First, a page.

The Ofsted inspectors are there this week. One good reason not to regret my courses for the Autumn term didn't run! They, in their wisdom, have chosen to inspect our Visual and Performing Arts department, although it had good comments last time. So, my boss has tons of work. However, she is confident the department is great, so is not worried. They have invited the inspectors to come to our teaching training class, though. Why? Because a large percentage of the class are new teachers in our department! It will be weird if they come, but I hope they do come to see that the department is forward looking and trying to make available the type of courses the public wants.

What is interesting is that all the teachers (we have 3 this time) are teachers with backgrounds in theory type subjects rather than activity/skills based subjects. They have noted that, but it will be interesting to see how they manage to "adapt their teaching style to that of the learner" as we are often told to do. No wonder with so many Kinaesthetic and Visual Learners, we sit there with glazed looks when they are waxing eloquent about the theory side of things.

Monday, 19 January 2009

2008 Journal Quilts

Here are the rest of the journal quilts then, from the beginning. So, later in the archives, you will see them in order...unless they eventually find a way to present blogs chronologically from top to bottom. (or maybe they do and I haven't discovered it yet.)

2008 Journal Quilts – British Contemporary Quilt Group
January – A few years ago, we had our holiday on Kintyre in Scotland. By the middle of the week I was going spare with not having any sorts of fabric shops or anything touristy. Finally, I went into The charity shop and found 3 old cream wool blankets. Every now and again, I hack a bit off and dye it with Kool-Aid. I had tons of the Kool-aid sent to me. the kids here don't like to drink it,but it works well on wool and silk.

Before this year, I made much smaller pieces somewhat like this, but hand stitched the bits on top of each other and embellished with buttons (also here and here) or beads. This time I worked with colours I don’t usually use, and instead of hand stitches, used the machine. Because the top is so thick, I used firm interfacing for wadding When you do the stitching, it helps the wool from getting caught in the feed dog area. It is thick enough to do this even when the feed dogs are down.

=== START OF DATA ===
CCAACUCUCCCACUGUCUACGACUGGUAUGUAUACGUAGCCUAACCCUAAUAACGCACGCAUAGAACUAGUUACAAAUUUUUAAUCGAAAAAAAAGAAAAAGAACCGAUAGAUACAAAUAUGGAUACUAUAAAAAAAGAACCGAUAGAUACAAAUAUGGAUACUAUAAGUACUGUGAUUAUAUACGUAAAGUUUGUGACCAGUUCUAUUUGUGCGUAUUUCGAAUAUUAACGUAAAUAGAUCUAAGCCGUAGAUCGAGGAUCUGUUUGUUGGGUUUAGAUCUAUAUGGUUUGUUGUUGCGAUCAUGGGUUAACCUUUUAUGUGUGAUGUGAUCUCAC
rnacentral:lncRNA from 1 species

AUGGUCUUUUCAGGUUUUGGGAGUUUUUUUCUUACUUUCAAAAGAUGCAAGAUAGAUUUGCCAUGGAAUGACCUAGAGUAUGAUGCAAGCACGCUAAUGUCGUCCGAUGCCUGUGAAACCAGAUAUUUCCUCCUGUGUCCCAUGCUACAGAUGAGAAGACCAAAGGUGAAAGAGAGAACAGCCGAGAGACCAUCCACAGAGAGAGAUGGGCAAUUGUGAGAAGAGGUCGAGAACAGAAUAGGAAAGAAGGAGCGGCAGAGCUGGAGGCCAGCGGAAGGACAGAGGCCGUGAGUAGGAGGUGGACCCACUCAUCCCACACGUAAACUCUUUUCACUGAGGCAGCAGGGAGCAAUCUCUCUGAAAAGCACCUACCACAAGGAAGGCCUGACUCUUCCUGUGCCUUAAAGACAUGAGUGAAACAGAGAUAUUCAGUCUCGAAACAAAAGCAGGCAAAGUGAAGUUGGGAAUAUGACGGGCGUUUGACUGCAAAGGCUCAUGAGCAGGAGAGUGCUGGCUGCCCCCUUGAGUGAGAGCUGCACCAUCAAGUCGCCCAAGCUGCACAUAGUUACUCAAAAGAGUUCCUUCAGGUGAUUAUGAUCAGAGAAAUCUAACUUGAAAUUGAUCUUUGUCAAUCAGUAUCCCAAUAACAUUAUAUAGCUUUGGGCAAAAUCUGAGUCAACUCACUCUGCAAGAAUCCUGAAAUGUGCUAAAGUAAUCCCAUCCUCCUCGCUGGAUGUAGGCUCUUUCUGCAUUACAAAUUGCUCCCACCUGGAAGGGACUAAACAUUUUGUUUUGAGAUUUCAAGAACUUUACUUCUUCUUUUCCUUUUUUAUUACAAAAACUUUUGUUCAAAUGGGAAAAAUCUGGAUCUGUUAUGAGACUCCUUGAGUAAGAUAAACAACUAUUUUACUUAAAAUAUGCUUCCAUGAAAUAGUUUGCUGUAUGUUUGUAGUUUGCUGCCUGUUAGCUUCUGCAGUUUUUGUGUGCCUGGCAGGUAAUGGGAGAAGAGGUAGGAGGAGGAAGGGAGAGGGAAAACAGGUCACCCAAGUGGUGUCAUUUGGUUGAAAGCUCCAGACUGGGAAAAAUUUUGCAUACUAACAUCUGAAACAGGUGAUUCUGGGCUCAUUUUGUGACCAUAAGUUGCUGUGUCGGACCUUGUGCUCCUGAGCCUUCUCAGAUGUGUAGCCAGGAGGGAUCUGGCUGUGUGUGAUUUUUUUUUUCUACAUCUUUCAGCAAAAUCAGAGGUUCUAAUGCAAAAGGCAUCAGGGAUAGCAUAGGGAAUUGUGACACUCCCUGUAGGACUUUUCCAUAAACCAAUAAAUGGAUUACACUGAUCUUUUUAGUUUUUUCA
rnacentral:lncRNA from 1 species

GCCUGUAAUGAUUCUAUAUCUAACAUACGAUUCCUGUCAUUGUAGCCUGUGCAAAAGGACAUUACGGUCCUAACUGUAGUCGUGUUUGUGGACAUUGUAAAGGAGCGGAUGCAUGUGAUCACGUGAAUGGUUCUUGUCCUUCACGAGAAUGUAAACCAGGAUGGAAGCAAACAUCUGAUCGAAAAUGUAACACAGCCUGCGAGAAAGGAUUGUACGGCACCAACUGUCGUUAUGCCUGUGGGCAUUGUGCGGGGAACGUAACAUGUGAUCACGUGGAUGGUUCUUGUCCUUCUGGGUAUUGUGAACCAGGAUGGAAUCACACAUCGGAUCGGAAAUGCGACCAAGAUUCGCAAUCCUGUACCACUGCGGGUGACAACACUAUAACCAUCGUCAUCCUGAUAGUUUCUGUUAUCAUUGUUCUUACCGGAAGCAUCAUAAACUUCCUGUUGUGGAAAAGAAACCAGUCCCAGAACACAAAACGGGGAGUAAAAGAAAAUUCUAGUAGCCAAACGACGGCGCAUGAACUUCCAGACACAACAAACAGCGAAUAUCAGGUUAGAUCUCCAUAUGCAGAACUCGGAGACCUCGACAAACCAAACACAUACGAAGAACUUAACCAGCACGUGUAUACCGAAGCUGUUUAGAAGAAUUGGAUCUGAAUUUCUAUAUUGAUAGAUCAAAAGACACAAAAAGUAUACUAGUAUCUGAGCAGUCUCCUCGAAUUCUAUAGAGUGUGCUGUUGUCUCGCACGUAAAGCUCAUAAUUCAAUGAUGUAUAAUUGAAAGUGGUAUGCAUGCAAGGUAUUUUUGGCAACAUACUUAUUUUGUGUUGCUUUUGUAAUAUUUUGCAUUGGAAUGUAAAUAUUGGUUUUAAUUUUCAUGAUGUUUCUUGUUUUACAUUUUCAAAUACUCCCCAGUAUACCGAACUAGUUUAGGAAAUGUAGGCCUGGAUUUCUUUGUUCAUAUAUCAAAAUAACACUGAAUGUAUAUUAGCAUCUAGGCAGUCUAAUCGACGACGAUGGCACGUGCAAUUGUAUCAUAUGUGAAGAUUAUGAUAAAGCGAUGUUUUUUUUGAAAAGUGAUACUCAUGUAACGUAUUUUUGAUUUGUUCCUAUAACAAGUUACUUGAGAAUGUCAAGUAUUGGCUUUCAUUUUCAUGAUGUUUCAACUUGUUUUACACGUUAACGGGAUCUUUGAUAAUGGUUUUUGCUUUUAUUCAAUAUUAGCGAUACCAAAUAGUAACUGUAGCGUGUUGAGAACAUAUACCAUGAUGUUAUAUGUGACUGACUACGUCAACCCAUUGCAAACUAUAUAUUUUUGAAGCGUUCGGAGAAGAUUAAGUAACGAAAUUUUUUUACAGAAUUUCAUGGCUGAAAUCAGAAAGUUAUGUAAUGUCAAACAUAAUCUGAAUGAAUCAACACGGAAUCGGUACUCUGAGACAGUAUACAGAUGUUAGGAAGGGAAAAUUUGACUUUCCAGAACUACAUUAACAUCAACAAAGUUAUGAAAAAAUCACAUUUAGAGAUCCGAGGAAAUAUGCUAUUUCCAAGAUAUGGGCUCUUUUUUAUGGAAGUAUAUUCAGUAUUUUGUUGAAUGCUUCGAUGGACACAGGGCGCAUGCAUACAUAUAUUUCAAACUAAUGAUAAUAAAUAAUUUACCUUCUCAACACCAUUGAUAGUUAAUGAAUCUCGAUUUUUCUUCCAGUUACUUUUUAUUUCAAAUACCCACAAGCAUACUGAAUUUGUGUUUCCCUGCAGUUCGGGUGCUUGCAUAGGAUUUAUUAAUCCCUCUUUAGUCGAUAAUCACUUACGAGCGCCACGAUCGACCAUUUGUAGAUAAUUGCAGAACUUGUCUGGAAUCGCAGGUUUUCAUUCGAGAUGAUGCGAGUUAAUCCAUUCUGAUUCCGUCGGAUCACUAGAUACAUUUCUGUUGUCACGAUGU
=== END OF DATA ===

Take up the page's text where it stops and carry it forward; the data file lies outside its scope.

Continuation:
The actual composition was developed upside down to this, and it felt like a playground. But when it got stitched, I found it wanted to be this way. Looks a bit like buildings. I have done themes in past journals, but haven’t decided yet. Most likely will use the wool, as it is already there in several “flavours”!

February – more of the Kool-Aid dyed wool. This time I went with brighter colours. I felt very cheerful while I was doing it. I am a bit concerned that if I carry on with these sorts of shapes it will be same-o, same-o, but there are a few triangles in there. Perhaps I need to explore a different application method. Quilting boxes was easier this time. I do like the variegated threads from Thread Studio. I can generally find one to go with my work in some way.

March – Okay, I am starting to see that this is about colour and shape. In this one, we get much more of the triangle thing going on. It has a real zing to it. I don’t normally use yellow, but I love the brightness here. I have also turned the buttonhole stitch so it faces out. The blue is wonderful. I think I will have to use that for a background next. I have quilted triangles this time.
Much later - I can not recall which Kool-aid made the bright yellow. I could only make pale yellow later on in the year when I wanted more.